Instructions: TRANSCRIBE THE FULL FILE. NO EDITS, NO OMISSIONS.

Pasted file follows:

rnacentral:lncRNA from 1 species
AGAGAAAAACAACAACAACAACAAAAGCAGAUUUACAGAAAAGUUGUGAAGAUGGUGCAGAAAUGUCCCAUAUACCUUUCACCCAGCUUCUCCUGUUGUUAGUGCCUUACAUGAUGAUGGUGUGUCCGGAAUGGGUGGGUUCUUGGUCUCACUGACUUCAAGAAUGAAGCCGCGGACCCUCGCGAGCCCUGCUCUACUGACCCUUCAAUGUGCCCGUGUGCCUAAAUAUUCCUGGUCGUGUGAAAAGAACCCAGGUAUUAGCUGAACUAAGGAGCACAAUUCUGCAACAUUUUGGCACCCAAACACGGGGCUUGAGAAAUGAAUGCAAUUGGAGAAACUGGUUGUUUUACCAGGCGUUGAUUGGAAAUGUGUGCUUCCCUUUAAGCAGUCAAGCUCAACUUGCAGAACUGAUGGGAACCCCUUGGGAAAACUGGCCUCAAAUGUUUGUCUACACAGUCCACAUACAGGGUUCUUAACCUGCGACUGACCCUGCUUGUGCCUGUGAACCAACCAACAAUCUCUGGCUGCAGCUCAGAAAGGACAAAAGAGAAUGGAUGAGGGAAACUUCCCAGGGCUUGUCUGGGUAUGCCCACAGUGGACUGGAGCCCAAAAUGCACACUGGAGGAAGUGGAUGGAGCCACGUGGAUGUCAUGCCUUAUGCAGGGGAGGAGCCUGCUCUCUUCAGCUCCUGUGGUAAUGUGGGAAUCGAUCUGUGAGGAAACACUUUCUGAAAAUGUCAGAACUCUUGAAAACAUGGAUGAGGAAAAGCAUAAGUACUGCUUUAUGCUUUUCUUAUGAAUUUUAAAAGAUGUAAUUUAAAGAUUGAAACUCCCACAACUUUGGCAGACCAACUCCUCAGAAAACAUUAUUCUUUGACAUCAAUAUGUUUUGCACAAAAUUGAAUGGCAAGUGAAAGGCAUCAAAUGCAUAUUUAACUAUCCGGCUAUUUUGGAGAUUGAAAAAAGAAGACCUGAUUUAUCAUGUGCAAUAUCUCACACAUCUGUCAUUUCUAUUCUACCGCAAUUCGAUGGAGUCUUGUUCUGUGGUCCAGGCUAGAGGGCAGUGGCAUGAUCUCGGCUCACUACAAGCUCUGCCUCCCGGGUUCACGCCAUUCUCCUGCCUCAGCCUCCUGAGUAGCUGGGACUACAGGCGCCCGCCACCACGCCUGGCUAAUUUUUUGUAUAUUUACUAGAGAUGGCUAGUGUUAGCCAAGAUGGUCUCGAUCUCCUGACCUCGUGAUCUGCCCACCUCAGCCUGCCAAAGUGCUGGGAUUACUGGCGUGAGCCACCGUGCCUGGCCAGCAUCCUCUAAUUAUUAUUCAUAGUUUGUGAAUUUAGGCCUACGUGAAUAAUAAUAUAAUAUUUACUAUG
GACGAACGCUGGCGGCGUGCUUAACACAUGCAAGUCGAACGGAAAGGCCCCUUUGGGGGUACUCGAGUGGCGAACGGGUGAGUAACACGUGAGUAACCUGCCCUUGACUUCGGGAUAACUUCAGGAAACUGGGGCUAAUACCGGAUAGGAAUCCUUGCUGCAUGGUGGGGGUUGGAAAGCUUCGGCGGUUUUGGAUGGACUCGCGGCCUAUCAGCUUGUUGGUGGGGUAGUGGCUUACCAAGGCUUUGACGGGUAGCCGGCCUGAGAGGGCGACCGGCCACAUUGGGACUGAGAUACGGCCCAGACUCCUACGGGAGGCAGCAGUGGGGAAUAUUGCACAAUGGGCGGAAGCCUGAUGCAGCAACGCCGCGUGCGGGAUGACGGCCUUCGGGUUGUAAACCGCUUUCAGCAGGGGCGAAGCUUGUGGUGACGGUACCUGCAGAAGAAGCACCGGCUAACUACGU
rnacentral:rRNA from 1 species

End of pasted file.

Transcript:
rnacentral:lncRNA from 1 species
AGAGAAAAACAACAACAACAACAAAAGCAGAUUUACAGAAAAGUUGUGAAGAUGGUGCAGAAAUGUCCCAUAUACCUUUCACCCAGCUUCUCCUGUUGUUAGUGCCUUACAUGAUGAUGGUGUGUCCGGAAUGGGUGGGUUCUUGGUCUCACUGACUUCAAGAAUGAAGCCGCGGACCCUCGCGAGCCCUGCUCUACUGACCCUUCAAUGUGCCCGUGUGCCUAAAUAUUCCUGGUCGUGUGAAAAGAACCCAGGUAUUAGCUGAACUAAGGAGCACAAUUCUGCAACAUUUUGGCACCCAAACACGGGGCUUGAGAAAUGAAUGCAAUUGGAGAAACUGGUUGUUUUACCAGGCGUUGAUUGGAAAUGUGUGCUUCCCUUUAAGCAGUCAAGCUCAACUUGCAGAACUGAUGGGAACCCCUUGGGAAAACUGGCCUCAAAUGUUUGUCUACACAGUCCACAUACAGGGUUCUUAACCUGCGACUGACCCUGCUUGUGCCUGUGAACCAACCAACAAUCUCUGGCUGCAGCUCAGAAAGGACAAAAGAGAAUGGAUGAGGGAAACUUCCCAGGGCUUGUCUGGGUAUGCCCACAGUGGACUGGAGCCCAAAAUGCACACUGGAGGAAGUGGAUGGAGCCACGUGGAUGUCAUGCCUUAUGCAGGGGAGGAGCCUGCUCUCUUCAGCUCCUGUGGUAAUGUGGGAAUCGAUCUGUGAGGAAACACUUUCUGAAAAUGUCAGAACUCUUGAAAACAUGGAUGAGGAAAAGCAUAAGUACUGCUUUAUGCUUUUCUUAUGAAUUUUAAAAGAUGUAAUUUAAAGAUUGAAACUCCCACAACUUUGGCAGACCAACUCCUCAGAAAACAUUAUUCUUUGACAUCAAUAUGUUUUGCACAAAAUUGAAUGGCAAGUGAAAGGCAUCAAAUGCAUAUUUAACUAUCCGGCUAUUUUGGAGAUUGAAAAAAGAAGACCUGAUUUAUCAUGUGCAAUAUCUCACACAUCUGUCAUUUCUAUUCUACCGCAAUUCGAUGGAGUCUUGUUCUGUGGUCCAGGCUAGAGGGCAGUGGCAUGAUCUCGGCUCACUACAAGCUCUGCCUCCCGGGUUCACGCCAUUCUCCUGCCUCAGCCUCCUGAGUAGCUGGGACUACAGGCGCCCGCCACCACGCCUGGCUAAUUUUUUGUAUAUUUACUAGAGAUGGCUAGUGUUAGCCAAGAUGGUCUCGAUCUCCUGACCUCGUGAUCUGCCCACCUCAGCCUGCCAAAGUGCUGGGAUUACUGGCGUGAGCCACCGUGCCUGGCCAGCAUCCUCUAAUUAUUAUUCAUAGUUUGUGAAUUUAGGCCUACGUGAAUAAUAAUAUAAUAUUUACUAUG
GACGAACGCUGGCGGCGUGCUUAACACAUGCAAGUCGAACGGAAAGGCCCCUUUGGGGGUACUCGAGUGGCGAACGGGUGAGUAACACGUGAGUAACCUGCCCUUGACUUCGGGAUAACUUCAGGAAACUGGGGCUAAUACCGGAUAGGAAUCCUUGCUGCAUGGUGGGGGUUGGAAAGCUUCGGCGGUUUUGGAUGGACUCGCGGCCUAUCAGCUUGUUGGUGGGGUAGUGGCUUACCAAGGCUUUGACGGGUAGCCGGCCUGAGAGGGCGACCGGCCACAUUGGGACUGAGAUACGGCCCAGACUCCUACGGGAGGCAGCAGUGGGGAAUAUUGCACAAUGGGCGGAAGCCUGAUGCAGCAACGCCGCGUGCGGGAUGACGGCCUUCGGGUUGUAAACCGCUUUCAGCAGGGGCGAAGCUUGUGGUGACGGUACCUGCAGAAGAAGCACCGGCUAACUACGU
rnacentral:rRNA from 1 species